Image caption, Mozambicans wait to greet Rwanda's president whose troops have liberated Cabo Delgado
Rotting fruit lies beneath mighty mango trees in northern Mozambique – an area empty of the people who would usually pick them.
Over the last four years, many villages and towns in Cabo Delgado have been abandoned – but in the last month Islamist militants have been pushed back by a 1,000-strong contingent of Rwandan troops.
Buildings lie in ruins, roofs caved in, evidence of shelling or blasts still visible. Walls falling apart and weeds growing right inside what were once human dwellings.
I was among a group of journalists seeing, for the first time, the destruction left behind by some of the least known Islamist militants in the world. Locals referred to them by the Arabic name for youth – al-Shabab.
But they have no connection to the better known group of the same name based in Somalia. They are said to be affiliated to the Islamic State.
"It is more of ideological affiliation," Rwanda's military spokesman Colonel Ronald Rwivanga told us.
The Rwandan forces took us on a tour of the province, following the routes taken over the last few weeks.
One group moved from Palma in the north, the scene of a hotel attack in which dozens were killed in March – some of the victims were later found beheaded with hands tied to their backs. The attack forced French energy giant Total to shut down its natural gas plant there.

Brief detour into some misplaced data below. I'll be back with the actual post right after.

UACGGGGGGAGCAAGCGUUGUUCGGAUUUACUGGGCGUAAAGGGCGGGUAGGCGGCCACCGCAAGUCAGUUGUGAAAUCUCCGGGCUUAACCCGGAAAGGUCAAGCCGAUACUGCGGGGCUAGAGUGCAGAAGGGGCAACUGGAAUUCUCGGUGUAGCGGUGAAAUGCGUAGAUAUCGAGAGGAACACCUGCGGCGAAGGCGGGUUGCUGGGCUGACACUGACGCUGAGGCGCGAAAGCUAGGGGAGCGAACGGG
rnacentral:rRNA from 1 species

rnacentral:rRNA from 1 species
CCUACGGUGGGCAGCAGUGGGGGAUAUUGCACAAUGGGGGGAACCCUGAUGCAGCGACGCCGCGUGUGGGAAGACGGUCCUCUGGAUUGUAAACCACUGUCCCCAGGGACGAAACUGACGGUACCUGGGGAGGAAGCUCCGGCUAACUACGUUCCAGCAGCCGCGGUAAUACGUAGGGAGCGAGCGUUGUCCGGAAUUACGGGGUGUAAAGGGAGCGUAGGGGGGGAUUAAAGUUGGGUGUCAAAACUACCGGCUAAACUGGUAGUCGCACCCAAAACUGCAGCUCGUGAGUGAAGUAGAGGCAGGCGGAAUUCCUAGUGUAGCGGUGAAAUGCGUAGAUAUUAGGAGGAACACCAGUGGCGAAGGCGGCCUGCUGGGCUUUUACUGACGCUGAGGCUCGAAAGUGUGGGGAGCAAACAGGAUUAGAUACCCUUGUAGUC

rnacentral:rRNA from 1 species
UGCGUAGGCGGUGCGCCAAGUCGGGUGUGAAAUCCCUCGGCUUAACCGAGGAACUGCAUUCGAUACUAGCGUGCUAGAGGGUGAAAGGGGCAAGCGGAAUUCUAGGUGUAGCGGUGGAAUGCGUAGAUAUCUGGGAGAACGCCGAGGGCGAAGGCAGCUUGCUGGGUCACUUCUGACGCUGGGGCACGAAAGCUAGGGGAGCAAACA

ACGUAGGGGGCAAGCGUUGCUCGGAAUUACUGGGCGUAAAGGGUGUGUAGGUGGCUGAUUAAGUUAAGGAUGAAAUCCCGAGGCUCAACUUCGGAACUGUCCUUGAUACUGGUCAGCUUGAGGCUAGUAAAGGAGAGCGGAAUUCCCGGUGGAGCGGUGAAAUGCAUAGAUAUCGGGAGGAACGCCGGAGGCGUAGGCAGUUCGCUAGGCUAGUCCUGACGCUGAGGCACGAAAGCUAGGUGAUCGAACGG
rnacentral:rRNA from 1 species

A second group advanced from the west of the province with both Rwandan divisions moving towards the port city of Mocímboa da Praia, which they took on 8 August as Mozambican maritime forces cut off sea access.
They encountered ambushes and skirmishes along the way as the militants fled south towards the forests of Quirimbas National Park with their captives and casualties, Col Rwivanga said.
About 100 insurgents were killed, and Rwanda lost four men in the offensive, he said.
At the Islamists' military and spiritual headquarters of Mbau, many houses appeared to have been abandoned for much longer, going by their state of disrepair.
Soldiers said they found bunkers there.
Only on one stop, Quitunda, did we find the lively sounds of children playing football and a man in his 80s, who sat on a log, watching the game.
Image source, ReutersImage caption, The town of Quitunda was one of the few places that was not empty
"We don't know what the rebels want," he told me. "They've destroyed our mosques, they've attacked churches."
He moved here when he heard that the militants had left.
He'd like to go back to his home in the port city of Mocímboa da Praia – but it's in ruins. Not a single building I saw there had been spared the effects of years of fighting.
At the town's airstrip, Rwandan soldiers showed us the weapons they had recovered from militants.
Image source, ReutersImage caption, Militants painted their names on some of the weapons
Mostly AK-47s, some of them had been painted with names, presumably, of the fighters who once owned them.
There were also rocket-propelled grenades and anti-aircraft weapons.